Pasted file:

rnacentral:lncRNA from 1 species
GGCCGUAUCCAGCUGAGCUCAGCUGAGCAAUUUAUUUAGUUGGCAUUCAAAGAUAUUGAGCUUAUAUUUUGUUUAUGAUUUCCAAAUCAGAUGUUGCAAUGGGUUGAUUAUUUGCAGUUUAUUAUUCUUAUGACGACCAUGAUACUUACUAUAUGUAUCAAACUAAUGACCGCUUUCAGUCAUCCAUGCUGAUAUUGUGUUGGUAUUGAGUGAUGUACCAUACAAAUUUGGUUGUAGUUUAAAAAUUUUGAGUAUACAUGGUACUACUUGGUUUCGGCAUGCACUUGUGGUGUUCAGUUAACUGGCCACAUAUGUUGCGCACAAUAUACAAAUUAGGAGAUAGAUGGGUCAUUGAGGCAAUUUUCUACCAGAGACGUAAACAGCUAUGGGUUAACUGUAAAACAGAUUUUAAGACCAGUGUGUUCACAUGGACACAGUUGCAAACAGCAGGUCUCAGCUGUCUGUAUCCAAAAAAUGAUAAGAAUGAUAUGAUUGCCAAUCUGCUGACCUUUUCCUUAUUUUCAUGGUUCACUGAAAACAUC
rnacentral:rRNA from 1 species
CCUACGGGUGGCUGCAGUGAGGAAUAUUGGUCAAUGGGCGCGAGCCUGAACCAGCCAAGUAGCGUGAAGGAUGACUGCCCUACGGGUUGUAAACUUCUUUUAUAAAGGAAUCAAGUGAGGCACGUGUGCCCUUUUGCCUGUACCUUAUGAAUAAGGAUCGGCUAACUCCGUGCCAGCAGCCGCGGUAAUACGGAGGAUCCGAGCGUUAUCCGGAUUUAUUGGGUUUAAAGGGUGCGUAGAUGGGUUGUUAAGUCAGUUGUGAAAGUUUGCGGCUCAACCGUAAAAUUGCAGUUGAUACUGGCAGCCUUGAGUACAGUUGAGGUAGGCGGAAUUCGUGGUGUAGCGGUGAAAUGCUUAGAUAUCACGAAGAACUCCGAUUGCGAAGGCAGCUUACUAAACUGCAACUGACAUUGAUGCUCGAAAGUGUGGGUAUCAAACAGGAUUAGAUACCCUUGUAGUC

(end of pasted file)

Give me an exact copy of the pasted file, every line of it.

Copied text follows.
rnacentral:lncRNA from 1 species
GGCCGUAUCCAGCUGAGCUCAGCUGAGCAAUUUAUUUAGUUGGCAUUCAAAGAUAUUGAGCUUAUAUUUUGUUUAUGAUUUCCAAAUCAGAUGUUGCAAUGGGUUGAUUAUUUGCAGUUUAUUAUUCUUAUGACGACCAUGAUACUUACUAUAUGUAUCAAACUAAUGACCGCUUUCAGUCAUCCAUGCUGAUAUUGUGUUGGUAUUGAGUGAUGUACCAUACAAAUUUGGUUGUAGUUUAAAAAUUUUGAGUAUACAUGGUACUACUUGGUUUCGGCAUGCACUUGUGGUGUUCAGUUAACUGGCCACAUAUGUUGCGCACAAUAUACAAAUUAGGAGAUAGAUGGGUCAUUGAGGCAAUUUUCUACCAGAGACGUAAACAGCUAUGGGUUAACUGUAAAACAGAUUUUAAGACCAGUGUGUUCACAUGGACACAGUUGCAAACAGCAGGUCUCAGCUGUCUGUAUCCAAAAAAUGAUAAGAAUGAUAUGAUUGCCAAUCUGCUGACCUUUUCCUUAUUUUCAUGGUUCACUGAAAACAUC
rnacentral:rRNA from 1 species
CCUACGGGUGGCUGCAGUGAGGAAUAUUGGUCAAUGGGCGCGAGCCUGAACCAGCCAAGUAGCGUGAAGGAUGACUGCCCUACGGGUUGUAAACUUCUUUUAUAAAGGAAUCAAGUGAGGCACGUGUGCCCUUUUGCCUGUACCUUAUGAAUAAGGAUCGGCUAACUCCGUGCCAGCAGCCGCGGUAAUACGGAGGAUCCGAGCGUUAUCCGGAUUUAUUGGGUUUAAAGGGUGCGUAGAUGGGUUGUUAAGUCAGUUGUGAAAGUUUGCGGCUCAACCGUAAAAUUGCAGUUGAUACUGGCAGCCUUGAGUACAGUUGAGGUAGGCGGAAUUCGUGGUGUAGCGGUGAAAUGCUUAGAUAUCACGAAGAACUCCGAUUGCGAAGGCAGCUUACUAAACUGCAACUGACAUUGAUGCUCGAAAGUGUGGGUAUCAAACAGGAUUAGAUACCCUUGUAGUC